Let me first introduce you to a new group of investors – digital-savvy members of the millennial generation with a different approach to accessing and using financial advice.
New customers, old knowledge
The first thing to understand about this new audience is that you still need to know the same things about them to sell successfully – which are their motivation and risk profile. Knowing what lies behind their actions, and how far they are willing to go to achieve their financial objective, puts you in a very powerful position. Everything else – such as buying habits, position and objectives – revolves around these primary areas.
Nothing new there then.
But how you establish motivation and attitude to risk is going to change.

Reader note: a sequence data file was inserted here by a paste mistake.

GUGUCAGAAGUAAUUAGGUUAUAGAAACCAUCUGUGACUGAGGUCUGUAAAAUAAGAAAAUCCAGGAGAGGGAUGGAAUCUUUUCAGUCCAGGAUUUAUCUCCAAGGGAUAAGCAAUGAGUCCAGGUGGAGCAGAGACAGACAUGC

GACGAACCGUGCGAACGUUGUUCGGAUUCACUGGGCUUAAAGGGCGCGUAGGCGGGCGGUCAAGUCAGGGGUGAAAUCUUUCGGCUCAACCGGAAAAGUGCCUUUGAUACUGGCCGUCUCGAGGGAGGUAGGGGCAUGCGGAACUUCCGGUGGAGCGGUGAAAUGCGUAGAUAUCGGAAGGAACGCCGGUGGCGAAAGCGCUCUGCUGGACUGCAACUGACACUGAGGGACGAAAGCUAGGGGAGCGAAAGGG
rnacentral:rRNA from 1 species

The fall of the relationship manager
45% of respondents to a recent ProFundCom survey said that relationship managers were their main source for raising new investment. This is perhaps unsurprising, as relationship managers know and understand the motivation and risk profiles of their clients better than anyone, so are well placed to advise – and sell to – them. By contrast, very few of our respondents cited CRM information, or analysis of digital behaviour, as a source of asset raising.
But this situation will soon be turned on its head…
The influence of relationship managers is waning – fast – thanks to the rise of the millennial generation. Because they are so digitally connected, millennials have much more input into their buying decisions and thus rely much less on what a relationship manager may tell them. So, distributing thought leadership and trusted advice through the web – and connecting with potential investors via social media – is becoming much more important.
And analysis of the data that comes from these interactions will soon become your prime source of marketing intelligence.